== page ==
The term refers to a computer in which the power supply, motherboard, and mass storage devices are stacked on top of each other in a cabinet. This is in contrast to desktop models, in which these components are housed in a more compact box. The main advantage of tower models is that there are fewer space constraints, which makes installation of additional storage devices easier.
A computer designed to fit comfortably on top of a desk, typically with the monitor sitting on top of the computer. Desktop model computers are broad and low, whereas tower model computers are narrow and tall. Because of their shape, desktop model computers are generally limited to three internal mass storage devices. Desktop models designed to be very small are sometimes referred to as slimline models.
An extremely lightweight personal computer. Notebook computers typically weigh less than 6 pounds and are small enough to fit easily in a briefcase. Aside from size, the principal difference between a notebook computer and a personal computer is the display screen. Notebook computers use a variety of techniques, known as flat-panel technologies, to produce a lightweight and non-bulky display screen. The quality of notebook display screens varies considerably. In terms of computing power, modern notebook computers are nearly equivalent to personal computers. They have the same CPUs, memory capacity, and disk drives. However, all this power in a small package is expensive. Notebook computers cost about twice as much as equivalent regular-sized computers. Notebook computers come with battery packs that enable you to run them without plugging them in. However, the batteries need to be recharged every few hours.
A small, portable computer — small enough that it can sit on your lap. Nowadays, laptop computers are more frequently called notebook computers.
A portable computer that is slightly lighter and smaller than a full-sized notebook computer. Typically, subnotebook computers have a smaller keyboard and screen, but are otherwise equivalent to notebook computers.
A portable computer that is small enough to be held in one’s hand. Although extremely convenient to carry, handheld computers have not replaced notebook computers because of their small keyboards and screens. The most popular hand-held computers are those that are specifically designed to provide PIM (personal information manager) functions, such as a calendar and address book. Some manufacturers are trying to solve the small keyboard problem by replacing the keyboard with an electronic pen. However, these pen-based devices rely on handwriting recognition technologies, which are still in their infancy. Hand-held computers are also called PDAs, palmtops and pocket computers.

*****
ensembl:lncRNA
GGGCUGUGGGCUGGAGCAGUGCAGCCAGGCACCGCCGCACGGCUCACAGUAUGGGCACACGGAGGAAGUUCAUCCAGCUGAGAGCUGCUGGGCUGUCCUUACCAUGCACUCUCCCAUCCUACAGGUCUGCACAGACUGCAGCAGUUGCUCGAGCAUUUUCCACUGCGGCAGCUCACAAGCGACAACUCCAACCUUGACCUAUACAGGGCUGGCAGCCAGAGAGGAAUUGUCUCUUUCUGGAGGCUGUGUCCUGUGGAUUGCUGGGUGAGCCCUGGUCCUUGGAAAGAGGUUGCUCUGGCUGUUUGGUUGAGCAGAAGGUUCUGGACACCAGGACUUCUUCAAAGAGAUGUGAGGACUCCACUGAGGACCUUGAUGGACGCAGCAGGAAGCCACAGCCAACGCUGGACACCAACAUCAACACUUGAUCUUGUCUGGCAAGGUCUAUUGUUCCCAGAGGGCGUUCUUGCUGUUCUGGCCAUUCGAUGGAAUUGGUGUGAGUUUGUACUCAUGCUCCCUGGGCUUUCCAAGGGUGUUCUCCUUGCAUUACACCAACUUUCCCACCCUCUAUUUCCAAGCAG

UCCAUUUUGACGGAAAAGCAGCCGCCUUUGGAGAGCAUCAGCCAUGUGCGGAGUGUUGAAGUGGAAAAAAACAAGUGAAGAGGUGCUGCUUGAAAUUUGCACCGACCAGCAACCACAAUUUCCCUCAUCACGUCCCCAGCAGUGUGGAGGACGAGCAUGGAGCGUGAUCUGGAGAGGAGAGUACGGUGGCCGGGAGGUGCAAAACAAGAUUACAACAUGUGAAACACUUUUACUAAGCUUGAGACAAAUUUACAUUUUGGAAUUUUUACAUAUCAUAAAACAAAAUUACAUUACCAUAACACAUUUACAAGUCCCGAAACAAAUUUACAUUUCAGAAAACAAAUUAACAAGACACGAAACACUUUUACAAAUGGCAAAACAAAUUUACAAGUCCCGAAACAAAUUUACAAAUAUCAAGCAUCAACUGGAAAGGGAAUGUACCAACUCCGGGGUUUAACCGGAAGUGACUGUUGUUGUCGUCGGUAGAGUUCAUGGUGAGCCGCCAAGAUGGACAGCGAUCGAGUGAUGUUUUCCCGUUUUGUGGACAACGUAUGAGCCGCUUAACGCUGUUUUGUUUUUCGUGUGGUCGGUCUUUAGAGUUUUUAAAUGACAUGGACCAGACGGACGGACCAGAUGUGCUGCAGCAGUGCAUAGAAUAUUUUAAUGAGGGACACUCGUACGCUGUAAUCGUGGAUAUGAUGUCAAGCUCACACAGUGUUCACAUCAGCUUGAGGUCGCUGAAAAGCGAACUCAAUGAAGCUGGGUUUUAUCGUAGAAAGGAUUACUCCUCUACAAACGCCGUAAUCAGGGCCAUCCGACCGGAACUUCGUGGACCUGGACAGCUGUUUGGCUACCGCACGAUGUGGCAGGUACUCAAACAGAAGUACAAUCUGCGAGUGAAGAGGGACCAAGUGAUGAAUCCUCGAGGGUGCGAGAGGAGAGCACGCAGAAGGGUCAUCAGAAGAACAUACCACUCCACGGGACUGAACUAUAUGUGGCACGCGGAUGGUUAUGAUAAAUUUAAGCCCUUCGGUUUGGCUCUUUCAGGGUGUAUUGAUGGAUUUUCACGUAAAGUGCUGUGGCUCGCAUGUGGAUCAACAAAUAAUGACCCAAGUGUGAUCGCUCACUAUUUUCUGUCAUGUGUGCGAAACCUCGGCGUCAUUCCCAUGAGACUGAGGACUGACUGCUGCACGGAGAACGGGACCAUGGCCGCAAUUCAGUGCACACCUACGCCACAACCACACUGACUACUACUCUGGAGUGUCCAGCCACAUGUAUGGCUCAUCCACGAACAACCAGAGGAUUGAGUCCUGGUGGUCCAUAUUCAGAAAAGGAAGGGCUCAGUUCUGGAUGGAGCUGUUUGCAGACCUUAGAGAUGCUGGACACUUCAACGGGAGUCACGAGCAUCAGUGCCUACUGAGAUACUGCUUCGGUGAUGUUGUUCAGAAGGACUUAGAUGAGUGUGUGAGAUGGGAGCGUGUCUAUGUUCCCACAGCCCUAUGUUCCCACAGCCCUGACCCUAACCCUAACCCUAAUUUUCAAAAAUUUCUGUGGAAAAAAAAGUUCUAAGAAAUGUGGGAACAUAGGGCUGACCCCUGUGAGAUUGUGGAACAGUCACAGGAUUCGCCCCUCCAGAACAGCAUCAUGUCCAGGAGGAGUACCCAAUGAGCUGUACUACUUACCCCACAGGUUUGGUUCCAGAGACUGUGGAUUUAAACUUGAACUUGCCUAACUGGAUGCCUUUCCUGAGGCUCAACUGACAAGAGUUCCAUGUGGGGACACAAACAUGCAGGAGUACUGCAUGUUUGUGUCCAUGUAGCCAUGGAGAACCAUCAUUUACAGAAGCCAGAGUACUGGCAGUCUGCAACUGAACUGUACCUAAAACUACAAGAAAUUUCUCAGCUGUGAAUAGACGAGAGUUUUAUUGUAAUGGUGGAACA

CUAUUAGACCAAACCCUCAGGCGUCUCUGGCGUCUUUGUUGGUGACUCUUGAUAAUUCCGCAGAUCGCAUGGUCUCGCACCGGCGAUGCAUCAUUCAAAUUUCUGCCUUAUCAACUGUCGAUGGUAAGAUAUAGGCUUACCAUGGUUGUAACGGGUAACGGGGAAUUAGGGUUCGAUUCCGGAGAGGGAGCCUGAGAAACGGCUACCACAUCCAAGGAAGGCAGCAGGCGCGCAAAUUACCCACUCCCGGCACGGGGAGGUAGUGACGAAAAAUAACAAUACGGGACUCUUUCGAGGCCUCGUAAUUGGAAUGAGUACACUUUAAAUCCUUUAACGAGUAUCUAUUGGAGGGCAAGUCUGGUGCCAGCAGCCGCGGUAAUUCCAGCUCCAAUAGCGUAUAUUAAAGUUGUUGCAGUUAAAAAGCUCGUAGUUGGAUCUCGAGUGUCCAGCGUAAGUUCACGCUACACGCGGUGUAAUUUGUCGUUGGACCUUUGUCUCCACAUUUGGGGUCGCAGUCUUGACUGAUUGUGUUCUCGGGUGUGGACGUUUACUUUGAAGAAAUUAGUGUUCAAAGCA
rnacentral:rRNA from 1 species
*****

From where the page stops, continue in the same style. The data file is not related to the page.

A small computer that literally fits in your palm. Compared to full-size computers, palmtops are severely limited, but they are practical for certain functions such as phone books and calendars. Palmtops that use a pen rather than a keyboard for input are often called hand-held computers or PDAs. Because of their small size, most palmtop computers do not include disk drives. However, many contain PCMCIA slots in which you can insert disk drives, modems, memory, and other devices. Palmtops are also called PDAs, hand-held computers and pocket computers.
Short for personal digital assistant, a handheld device that combines computing, telephone/fax, and networking features. A typical PDA can function as a cellular phone, fax sender, and personal organizer. Unlike portable computers, most PDAs are pen-based, using a stylus rather than a keyboard for input. This means that they also incorporate handwriting recognition features. Some PDAs can also react to voice input by using voice recognition technologies. The field of PDA was pioneered by Apple Computer, which introduced the Newton MessagePad in 1993. Shortly thereafter, several other manufacturers offered similar products. To date, PDAs have had only modest success in the marketplace, due to their high price tags and limited applications. However, many experts believe that PDAs will eventually become common gadgets.
PDAs are also called palmtops, hand-held computers and pocket computers.